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SEM image of main leaf.

SEM image of central patch.

Lady's Mantle

In the mornings it is often possible to see large droplets of water attached to the leaves of some plants. These droplets make an excellent subject for photography and do not have an obvious purpose. Some of them, notably those on the leaves of Alchemilla mollis (Lady's Mantle), have been admired over the centuries, with alchemists collecting the droplets as "the purest form of water" for their recipes for transmutation and the elixir of life. The persistence of droplets of water on this plant long into the day can be mesmerizing. Droplets roll readily down the main leaf of Lady's Mantle, but collect and are retained in its central patch (see close up images of the leaf's surface to the right). Read more about this process in the publication below.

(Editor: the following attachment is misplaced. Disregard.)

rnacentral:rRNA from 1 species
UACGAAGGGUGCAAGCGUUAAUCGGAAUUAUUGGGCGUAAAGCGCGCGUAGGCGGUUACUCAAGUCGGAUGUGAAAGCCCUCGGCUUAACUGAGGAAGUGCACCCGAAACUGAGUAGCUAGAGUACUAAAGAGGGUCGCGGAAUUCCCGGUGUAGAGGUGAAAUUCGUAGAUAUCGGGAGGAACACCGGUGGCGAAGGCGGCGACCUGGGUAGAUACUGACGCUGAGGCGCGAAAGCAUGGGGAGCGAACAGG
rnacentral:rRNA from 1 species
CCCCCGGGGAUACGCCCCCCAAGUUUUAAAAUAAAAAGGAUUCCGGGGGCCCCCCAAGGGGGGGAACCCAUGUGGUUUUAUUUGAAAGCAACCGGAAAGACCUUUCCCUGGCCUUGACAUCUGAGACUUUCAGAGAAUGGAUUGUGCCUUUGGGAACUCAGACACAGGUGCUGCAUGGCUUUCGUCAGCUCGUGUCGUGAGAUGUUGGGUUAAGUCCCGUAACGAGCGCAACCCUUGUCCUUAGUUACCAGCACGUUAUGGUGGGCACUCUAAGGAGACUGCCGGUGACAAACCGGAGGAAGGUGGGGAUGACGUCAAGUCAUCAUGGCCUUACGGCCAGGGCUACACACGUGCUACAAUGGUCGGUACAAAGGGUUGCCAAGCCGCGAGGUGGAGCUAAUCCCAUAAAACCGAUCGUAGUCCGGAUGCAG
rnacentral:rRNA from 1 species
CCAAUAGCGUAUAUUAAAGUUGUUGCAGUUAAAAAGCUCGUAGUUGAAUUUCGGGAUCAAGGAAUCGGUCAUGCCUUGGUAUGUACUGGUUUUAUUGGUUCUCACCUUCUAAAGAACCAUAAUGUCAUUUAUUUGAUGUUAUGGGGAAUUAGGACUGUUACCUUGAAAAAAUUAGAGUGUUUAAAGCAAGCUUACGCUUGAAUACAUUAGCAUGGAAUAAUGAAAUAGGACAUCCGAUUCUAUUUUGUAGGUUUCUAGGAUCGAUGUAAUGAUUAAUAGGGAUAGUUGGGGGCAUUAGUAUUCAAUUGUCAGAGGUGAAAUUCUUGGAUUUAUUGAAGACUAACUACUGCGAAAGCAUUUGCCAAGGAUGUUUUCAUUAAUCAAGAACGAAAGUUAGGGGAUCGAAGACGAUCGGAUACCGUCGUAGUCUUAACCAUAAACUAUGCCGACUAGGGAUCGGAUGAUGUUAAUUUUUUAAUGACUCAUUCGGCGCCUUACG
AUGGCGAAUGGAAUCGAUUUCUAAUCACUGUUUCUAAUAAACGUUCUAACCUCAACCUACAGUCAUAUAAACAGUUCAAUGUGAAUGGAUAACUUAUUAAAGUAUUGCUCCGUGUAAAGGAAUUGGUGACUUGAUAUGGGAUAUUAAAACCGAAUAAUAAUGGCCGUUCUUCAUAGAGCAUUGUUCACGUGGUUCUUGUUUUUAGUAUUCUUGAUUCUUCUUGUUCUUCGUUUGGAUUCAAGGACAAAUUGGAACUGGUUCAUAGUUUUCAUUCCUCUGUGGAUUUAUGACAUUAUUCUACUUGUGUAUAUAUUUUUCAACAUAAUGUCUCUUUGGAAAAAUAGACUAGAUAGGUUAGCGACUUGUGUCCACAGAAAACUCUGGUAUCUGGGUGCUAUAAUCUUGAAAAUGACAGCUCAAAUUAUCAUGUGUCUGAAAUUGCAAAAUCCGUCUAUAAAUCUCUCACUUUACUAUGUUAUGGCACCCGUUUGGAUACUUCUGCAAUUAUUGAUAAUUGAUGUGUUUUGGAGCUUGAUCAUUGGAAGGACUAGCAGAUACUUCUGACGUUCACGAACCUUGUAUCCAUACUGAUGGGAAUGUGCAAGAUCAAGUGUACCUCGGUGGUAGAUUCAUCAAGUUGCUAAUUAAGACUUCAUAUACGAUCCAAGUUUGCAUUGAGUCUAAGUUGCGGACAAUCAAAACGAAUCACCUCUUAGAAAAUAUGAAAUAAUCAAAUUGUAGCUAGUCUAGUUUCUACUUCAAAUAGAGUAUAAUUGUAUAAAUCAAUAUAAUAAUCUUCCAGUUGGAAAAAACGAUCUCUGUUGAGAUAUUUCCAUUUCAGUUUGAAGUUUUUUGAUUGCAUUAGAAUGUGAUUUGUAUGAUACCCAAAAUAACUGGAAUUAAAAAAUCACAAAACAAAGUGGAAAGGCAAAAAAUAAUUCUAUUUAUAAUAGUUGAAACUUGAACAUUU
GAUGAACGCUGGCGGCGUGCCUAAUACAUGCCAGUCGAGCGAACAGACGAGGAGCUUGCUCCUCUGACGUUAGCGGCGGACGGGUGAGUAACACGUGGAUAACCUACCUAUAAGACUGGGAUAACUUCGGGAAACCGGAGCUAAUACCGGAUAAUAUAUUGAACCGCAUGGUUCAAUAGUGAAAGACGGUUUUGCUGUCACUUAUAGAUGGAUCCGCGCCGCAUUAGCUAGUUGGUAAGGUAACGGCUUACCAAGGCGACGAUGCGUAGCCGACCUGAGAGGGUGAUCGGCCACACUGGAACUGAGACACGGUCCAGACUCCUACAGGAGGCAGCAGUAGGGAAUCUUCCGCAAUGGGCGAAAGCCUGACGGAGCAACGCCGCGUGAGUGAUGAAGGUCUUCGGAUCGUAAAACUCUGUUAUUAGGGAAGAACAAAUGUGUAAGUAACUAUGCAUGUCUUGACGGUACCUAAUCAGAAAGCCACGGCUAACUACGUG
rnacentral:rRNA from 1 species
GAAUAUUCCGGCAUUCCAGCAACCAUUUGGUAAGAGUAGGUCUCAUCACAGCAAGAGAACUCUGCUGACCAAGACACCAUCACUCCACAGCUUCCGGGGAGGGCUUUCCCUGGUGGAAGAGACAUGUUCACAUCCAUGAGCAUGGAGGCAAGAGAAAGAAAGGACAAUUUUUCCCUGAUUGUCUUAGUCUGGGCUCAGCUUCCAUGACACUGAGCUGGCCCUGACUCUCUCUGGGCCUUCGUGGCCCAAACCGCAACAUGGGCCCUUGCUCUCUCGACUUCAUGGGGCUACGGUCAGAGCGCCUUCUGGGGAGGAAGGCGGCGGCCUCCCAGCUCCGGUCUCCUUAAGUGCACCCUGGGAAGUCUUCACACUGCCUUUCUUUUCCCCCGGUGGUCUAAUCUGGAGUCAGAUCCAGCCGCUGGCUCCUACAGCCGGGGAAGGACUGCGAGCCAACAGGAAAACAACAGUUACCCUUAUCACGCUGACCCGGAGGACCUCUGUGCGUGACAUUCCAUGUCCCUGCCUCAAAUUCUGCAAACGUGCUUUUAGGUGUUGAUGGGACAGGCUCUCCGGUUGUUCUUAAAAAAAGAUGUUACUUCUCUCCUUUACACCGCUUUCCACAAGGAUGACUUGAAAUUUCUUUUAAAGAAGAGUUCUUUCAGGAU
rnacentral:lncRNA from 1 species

N.J. Shirtcliffe, G. McHale and M.I. Newton,
Learning from superhydrophobic plants: The use of hydrophilic areas on superhydrophobic surfaces for droplet control,
Langmuir 25 (24) (2009) 14121-14128. Via ACS server